This morning we watched The Lion King remake--finally. It was amazingly well done, but very dark. Was the original this dark? I haven't seen that one in a while. I hated the scene in which Simba's dad dies. It was too much. My daughter left the room when I warned her it was coming up. I do not think that is a movie we will re-watch often.

Off the Blog: I have had hardly any time to get online and do any blogging or visiting other blogs. I hope to remedy that a bit this week. Show rehearsals are well under way, and cookie sales got off to a good start. Work has been busy, which is pretty much the norm this time of year.


My father was a king and the son of kings. ~ Opening of The Song of Achilles

The Song of Achilles by Madeline Miller
Ecco, 2011
Fantasy; 378 pgs
Source: Purchased

This past summer I had read a couple of reviews about The Song of Achilles and added it to my TBR pile. It was my first book finished this year, and what a book it was. Set in ancient Greece, the times of gods and heroes, the novel is narrated by a young prince, Patroclus, who has never been able to meet his father's expectations. He is exiled from his father's kingdom and sent to live and train in another court, that of King Peleus, father of Achilles. For all his awkwardness and seemingly ordinariness, Patroclus does not know why Prince Achilles, son of a king and sea goddess Thetis, would take an interest in him, but he does. Patroclus and Achilles share a special bond that only grows as they train, learning the art of war and medicine and eventually go off to war to try to save the kidnapped Helen of Sparta.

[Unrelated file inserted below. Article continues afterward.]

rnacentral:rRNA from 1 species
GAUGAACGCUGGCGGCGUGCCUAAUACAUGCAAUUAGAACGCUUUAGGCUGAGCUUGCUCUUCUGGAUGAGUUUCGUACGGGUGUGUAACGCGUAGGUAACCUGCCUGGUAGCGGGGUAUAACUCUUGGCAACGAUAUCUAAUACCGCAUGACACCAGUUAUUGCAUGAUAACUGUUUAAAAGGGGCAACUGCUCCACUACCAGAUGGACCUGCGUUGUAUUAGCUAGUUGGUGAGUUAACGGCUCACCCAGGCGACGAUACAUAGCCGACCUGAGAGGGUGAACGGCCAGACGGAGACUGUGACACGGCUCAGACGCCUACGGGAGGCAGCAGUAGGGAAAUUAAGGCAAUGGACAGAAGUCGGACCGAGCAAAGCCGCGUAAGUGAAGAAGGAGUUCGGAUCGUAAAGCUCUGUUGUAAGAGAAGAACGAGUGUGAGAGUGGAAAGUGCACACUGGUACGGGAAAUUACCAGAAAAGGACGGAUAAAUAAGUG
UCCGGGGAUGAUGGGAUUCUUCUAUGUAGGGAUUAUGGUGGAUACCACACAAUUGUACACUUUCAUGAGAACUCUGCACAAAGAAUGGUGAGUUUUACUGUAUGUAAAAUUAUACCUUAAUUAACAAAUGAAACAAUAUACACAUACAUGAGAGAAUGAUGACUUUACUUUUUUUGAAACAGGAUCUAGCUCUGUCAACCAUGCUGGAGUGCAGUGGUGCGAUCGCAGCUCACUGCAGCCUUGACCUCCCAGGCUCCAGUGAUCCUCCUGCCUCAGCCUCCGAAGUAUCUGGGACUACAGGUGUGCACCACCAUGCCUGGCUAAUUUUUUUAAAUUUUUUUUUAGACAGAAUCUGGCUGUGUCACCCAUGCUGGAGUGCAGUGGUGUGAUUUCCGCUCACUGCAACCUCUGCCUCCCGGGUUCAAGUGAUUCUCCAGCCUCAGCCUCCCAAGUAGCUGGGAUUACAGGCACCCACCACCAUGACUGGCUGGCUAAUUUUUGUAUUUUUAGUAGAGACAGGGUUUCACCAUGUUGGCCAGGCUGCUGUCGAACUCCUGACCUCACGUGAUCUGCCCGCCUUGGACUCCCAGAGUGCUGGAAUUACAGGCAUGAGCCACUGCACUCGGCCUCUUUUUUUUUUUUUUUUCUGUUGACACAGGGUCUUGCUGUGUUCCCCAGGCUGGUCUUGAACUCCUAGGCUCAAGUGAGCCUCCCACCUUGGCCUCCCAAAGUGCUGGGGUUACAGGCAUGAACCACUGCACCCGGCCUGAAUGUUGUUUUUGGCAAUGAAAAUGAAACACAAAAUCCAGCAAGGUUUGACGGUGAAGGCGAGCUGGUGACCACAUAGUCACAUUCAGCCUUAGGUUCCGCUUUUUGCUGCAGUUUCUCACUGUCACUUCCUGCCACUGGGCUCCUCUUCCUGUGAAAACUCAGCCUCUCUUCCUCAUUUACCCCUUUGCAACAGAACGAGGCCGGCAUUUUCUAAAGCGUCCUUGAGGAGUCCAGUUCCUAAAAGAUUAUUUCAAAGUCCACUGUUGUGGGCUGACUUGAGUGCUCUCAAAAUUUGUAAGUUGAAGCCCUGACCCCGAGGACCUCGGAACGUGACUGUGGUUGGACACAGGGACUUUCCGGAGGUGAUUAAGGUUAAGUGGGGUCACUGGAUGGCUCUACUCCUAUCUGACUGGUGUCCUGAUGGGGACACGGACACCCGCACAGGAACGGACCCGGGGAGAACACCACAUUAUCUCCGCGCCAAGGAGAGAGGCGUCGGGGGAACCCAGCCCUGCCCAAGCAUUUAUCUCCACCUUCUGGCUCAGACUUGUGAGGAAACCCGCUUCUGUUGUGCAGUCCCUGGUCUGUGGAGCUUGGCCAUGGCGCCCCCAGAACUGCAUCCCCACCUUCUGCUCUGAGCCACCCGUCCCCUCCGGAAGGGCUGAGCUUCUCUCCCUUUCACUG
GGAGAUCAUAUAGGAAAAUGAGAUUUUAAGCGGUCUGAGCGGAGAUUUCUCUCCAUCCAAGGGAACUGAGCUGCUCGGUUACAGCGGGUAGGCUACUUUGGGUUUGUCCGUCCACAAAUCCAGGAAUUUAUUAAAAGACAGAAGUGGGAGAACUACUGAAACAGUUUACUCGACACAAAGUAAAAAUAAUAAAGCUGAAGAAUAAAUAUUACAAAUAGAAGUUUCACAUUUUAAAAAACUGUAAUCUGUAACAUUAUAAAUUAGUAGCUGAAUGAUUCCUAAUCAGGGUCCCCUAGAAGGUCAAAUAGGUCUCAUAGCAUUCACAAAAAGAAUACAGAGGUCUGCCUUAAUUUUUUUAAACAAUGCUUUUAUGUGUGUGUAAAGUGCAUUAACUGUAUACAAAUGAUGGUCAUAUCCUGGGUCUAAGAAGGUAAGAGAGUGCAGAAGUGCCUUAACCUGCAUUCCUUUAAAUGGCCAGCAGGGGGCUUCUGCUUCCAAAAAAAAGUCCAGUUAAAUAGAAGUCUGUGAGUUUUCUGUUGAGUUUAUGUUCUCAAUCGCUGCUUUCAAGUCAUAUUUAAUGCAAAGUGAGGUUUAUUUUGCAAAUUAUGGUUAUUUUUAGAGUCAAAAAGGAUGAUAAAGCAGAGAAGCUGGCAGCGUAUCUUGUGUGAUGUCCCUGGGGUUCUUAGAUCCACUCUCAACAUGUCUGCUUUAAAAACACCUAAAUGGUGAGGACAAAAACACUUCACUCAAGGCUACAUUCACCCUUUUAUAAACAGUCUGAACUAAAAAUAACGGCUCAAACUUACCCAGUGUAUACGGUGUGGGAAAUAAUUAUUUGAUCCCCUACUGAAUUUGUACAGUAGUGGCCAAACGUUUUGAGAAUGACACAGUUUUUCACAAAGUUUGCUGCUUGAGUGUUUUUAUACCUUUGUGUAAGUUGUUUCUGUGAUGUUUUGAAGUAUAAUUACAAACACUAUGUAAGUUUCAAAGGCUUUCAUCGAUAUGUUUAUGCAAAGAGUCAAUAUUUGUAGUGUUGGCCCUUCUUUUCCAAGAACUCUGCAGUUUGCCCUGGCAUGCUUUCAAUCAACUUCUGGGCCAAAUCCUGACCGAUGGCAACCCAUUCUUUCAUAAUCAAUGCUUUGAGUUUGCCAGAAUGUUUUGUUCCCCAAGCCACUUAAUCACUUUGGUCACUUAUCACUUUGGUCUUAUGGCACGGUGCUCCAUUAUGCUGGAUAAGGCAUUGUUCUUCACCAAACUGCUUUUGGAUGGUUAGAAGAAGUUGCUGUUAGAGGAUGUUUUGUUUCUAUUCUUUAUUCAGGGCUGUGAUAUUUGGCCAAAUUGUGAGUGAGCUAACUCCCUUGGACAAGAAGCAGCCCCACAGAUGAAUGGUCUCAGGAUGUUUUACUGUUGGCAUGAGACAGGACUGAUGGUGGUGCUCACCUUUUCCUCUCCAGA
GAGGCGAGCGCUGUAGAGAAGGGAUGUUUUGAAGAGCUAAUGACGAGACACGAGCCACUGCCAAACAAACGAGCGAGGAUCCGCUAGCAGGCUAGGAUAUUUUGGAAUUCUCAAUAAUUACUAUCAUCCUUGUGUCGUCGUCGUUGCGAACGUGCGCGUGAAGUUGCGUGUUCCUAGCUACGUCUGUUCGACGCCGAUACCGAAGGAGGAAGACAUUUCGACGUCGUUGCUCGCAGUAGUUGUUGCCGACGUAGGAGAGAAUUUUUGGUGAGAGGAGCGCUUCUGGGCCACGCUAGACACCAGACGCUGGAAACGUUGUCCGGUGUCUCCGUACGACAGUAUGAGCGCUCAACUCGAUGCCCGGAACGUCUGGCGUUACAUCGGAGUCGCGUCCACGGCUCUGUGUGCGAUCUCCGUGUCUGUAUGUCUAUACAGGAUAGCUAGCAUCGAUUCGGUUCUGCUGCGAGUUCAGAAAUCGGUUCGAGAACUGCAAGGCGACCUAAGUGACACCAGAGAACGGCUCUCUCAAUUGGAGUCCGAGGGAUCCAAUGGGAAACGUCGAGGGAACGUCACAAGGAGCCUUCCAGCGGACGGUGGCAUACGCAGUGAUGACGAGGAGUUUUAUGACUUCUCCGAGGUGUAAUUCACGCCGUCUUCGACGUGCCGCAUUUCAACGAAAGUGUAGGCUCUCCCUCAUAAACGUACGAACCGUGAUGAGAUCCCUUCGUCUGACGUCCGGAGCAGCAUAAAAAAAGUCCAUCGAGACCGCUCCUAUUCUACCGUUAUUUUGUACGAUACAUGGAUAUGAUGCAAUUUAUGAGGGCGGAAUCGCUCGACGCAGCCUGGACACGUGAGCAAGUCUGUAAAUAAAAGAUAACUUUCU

Madeline Miller's writing is exquisite and the story she weaves around the mythical Achilles and Patroclus is not only engaging, but extremely moving as well. Patroclus is easy to relate to, both compassionate and thoughtful. I felt pulled into his story and that of Achilles, their romance and their heartbreak, as well as their coming of age. It's a time in which the gods can be kind or cruel, taking sides and feel slighted and take revenge, and where the fate of humankind can be determined on a whim. Mankind is no less cruel--the things men do out of greed for riches and power, for the sake of  their own egos.

I did not always like the choices Achilles made, finding him at times too big on ego, but I suppose if I had been told all my life that I was the best fighter ever (and literally was), destined to be a hero, and the son of a king and a goddess, I might act that way too. Patroclus kept him grounded. I managed to get through most of the book without tears, but the end . . . There were lots of tears.

My father took a Greek mythology class in college when I was a child, and it sparked my own interest in the subject with all the stories he would share. The Song of Achilles leads up to the events in Homer's The Illiad, a book I have yet to read, but I did read The Odyssey, which made a big impression on me. I do not think it is necessary to have much knowledge of Greek mythology or Homer's tales to read and enjoy The Song of Achilles, although it certainly wouldn't hurt and might even add to one's appreciation of her re-telling of the ancient myths.